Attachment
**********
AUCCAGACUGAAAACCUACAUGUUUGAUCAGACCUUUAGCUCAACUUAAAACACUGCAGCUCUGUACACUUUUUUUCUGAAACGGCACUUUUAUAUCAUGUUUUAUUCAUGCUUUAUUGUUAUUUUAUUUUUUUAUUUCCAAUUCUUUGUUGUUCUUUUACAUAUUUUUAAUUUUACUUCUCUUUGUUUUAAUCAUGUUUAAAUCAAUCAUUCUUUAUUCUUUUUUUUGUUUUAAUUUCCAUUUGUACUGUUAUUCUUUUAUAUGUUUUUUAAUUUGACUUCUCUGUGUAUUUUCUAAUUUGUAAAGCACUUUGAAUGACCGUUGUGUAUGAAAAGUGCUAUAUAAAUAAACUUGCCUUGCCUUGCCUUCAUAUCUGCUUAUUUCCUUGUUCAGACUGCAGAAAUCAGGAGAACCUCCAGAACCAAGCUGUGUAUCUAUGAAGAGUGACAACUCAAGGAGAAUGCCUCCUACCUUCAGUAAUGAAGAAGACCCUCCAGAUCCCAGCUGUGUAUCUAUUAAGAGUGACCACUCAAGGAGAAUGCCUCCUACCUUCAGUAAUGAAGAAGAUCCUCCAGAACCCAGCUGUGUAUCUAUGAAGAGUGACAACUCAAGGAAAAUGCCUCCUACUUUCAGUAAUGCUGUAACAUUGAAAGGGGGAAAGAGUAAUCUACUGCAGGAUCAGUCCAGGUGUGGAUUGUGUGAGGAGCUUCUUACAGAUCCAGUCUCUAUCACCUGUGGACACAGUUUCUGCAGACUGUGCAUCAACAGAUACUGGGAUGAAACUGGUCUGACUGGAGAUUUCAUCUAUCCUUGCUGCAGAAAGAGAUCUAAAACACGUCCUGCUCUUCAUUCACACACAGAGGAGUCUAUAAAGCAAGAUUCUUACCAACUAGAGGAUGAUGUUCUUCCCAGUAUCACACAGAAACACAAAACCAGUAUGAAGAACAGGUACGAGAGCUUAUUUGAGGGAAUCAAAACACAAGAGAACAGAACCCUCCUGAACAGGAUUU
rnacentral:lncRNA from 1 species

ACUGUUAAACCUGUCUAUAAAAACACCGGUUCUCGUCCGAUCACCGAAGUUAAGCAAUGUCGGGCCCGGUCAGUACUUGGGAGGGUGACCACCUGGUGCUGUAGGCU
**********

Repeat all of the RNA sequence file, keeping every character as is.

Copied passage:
AUCCAGACUGAAAACCUACAUGUUUGAUCAGACCUUUAGCUCAACUUAAAACACUGCAGCUCUGUACACUUUUUUUCUGAAACGGCACUUUUAUAUCAUGUUUUAUUCAUGCUUUAUUGUUAUUUUAUUUUUUUAUUUCCAAUUCUUUGUUGUUCUUUUACAUAUUUUUAAUUUUACUUCUCUUUGUUUUAAUCAUGUUUAAAUCAAUCAUUCUUUAUUCUUUUUUUUGUUUUAAUUUCCAUUUGUACUGUUAUUCUUUUAUAUGUUUUUUAAUUUGACUUCUCUGUGUAUUUUCUAAUUUGUAAAGCACUUUGAAUGACCGUUGUGUAUGAAAAGUGCUAUAUAAAUAAACUUGCCUUGCCUUGCCUUCAUAUCUGCUUAUUUCCUUGUUCAGACUGCAGAAAUCAGGAGAACCUCCAGAACCAAGCUGUGUAUCUAUGAAGAGUGACAACUCAAGGAGAAUGCCUCCUACCUUCAGUAAUGAAGAAGACCCUCCAGAUCCCAGCUGUGUAUCUAUUAAGAGUGACCACUCAAGGAGAAUGCCUCCUACCUUCAGUAAUGAAGAAGAUCCUCCAGAACCCAGCUGUGUAUCUAUGAAGAGUGACAACUCAAGGAAAAUGCCUCCUACUUUCAGUAAUGCUGUAACAUUGAAAGGGGGAAAGAGUAAUCUACUGCAGGAUCAGUCCAGGUGUGGAUUGUGUGAGGAGCUUCUUACAGAUCCAGUCUCUAUCACCUGUGGACACAGUUUCUGCAGACUGUGCAUCAACAGAUACUGGGAUGAAACUGGUCUGACUGGAGAUUUCAUCUAUCCUUGCUGCAGAAAGAGAUCUAAAACACGUCCUGCUCUUCAUUCACACACAGAGGAGUCUAUAAAGCAAGAUUCUUACCAACUAGAGGAUGAUGUUCUUCCCAGUAUCACACAGAAACACAAAACCAGUAUGAAGAACAGGUACGAGAGCUUAUUUGAGGGAAUCAAAACACAAGAGAACAGAACCCUCCUGAACAGGAUUU
rnacentral:lncRNA from 1 species

ACUGUUAAACCUGUCUAUAAAAACACCGGUUCUCGUCCGAUCACCGAAGUUAAGCAAUGUCGGGCCCGGUCAGUACUUGGGAGGGUGACCACCUGGUGCUGUAGGCU